What Old People Think About Gay Sex
“You can have a really wonderful experience in life being a slut.”
I have literally written and erased half a dozen answers to your question which range from quick and honest to sarcastic and everything in between. But I remind myself that every opportunity is a time for teaching if the other person really wants to learn, so I’m going to do my very best to answer this question well. Please forgive me, however, if I come across as acrid, sarcastic, and/or bitchy. As I get older, I’ve become less tolerant of having to explain my sexuality when my self declared heterosexual peers don’t have to do the same.
So, here’s my answer for you. The Cliff notes version is this.
A person’s sexuality is not a choice.
The tl;dr read version is this.
No one chooses to whom they are attracted. The very concept of that being a possibility is absurd. I assure you that, if I could magically snap my fingers and be attracted to the opposite sex, I would do so in an instant.
This may come as a shock to many because I’m very vocal about who I am, my support of equal rights for everyone, my support of tolerance and acceptance, and the fact that I tell people to love themselves for who they are.
But the fact is that being something outside the hetero-normative is hard. I’ve said many times that this is not an easy road. There are people out there who want to, literally, kill me because I’m attracted to the same sex. They don’t care that I’m socially active and encourage things like supporting your community, voting, donating blood, and setting positive examples for others. They don’t care that I participate in charity, support Alzheimer’s research, that I go out of my way to make sure some of my less stable friends know I’m there if they need me, or that I am trained as a peer counselor and am willing to lend an ear or shoulder even to a stranger if they need it.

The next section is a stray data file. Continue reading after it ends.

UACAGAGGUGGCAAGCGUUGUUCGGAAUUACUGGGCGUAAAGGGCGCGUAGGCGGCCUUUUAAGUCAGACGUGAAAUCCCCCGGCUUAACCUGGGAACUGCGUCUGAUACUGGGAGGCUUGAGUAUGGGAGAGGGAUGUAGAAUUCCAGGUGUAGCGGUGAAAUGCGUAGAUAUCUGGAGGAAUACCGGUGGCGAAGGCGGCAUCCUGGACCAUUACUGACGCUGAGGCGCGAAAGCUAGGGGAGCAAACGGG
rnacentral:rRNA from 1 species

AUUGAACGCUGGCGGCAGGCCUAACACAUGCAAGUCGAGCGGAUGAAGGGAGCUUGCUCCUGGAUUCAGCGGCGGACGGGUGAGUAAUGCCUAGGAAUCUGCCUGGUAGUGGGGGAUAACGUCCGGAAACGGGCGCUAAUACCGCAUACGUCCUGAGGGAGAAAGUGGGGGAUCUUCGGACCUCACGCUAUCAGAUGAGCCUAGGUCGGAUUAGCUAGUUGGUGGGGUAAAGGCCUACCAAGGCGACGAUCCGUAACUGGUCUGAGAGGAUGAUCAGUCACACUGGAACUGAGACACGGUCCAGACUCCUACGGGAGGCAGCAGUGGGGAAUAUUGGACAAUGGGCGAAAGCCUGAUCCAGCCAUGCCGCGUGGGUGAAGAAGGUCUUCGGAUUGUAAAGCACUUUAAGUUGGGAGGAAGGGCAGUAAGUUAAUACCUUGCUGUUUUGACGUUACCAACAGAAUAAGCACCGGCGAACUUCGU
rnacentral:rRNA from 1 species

The only thing these people care about is that I’m not attracted to men or only to men, and, therefore, I need to die.
My government, neither state nor federal, recognizes my nearly 9 year relationship to the same person. My partner, because she works for the state, could lose her job if certain people found out she wasn’t heterosexual. Her family has practically disowned her. When she told her mother, her mother’s first reply was, “You’re breaking my heart. I don’t know what happened to you to make you do this to me, but I hope you one day realize how wrong this is.” It’s only by the grace of the Universe that mine is as accepting as it is because many families are much more like my partner’s than mine.
Several different religions teach that, based solely on to whom I am attracted and regardless of anything else I may do in life - good or bad - I will go to hell and burn for eternity if I give in to the “carnal pleasures” of being in a long term, loving, committed relationship with another woman. According to these religious institutions, I could be the most amazing person ever, but, because I’m not heterosexual, I’m going to hell. I have no redeeming qualities.
When I’m in public with my partner and we’re simply holding hands, there are families that will cover their children’s eyes or walk across the street and away from us or blatantly stare at us with disapproving faces because we’re holding hands.
People - coworkers, bosses, random people - tell my mother how sorry they are for her that I am a lesbian. One boss told her not only that he was sorry but that, in his country, they’d kill me to redeem the family honor.
If you’re a gay man, you can’t give blood because the risk is too high that you might be HIV positive. People question you if you want to raise a family because there are people out there who honestly think being gay is the same thing as being a child molester, which is so ridiculous I don’t have enough words to describe my disgust at that ignorance. If you’re a gay man, many people automatically assume that you’re promiscuous and that you have some kind of disease. As a gay man, you risk your life everyday that you live out of the closet because there are enough insecure, self proclaimed heterosexual men out there who see you as a threat simply because of who you are they will beat you until they kill you or worse just to prove how much of a real man they are as opposed to you.
If you’re bisexual, you get it both directions because homosexuals say you’re playing the field and you need to pick a side while heterosexuals treat you like you’re a homosexual. You literally can’t win, but you’re still doing better than transexuals, whom most people don’t even bother to understand. That’s a whole different post, honestly.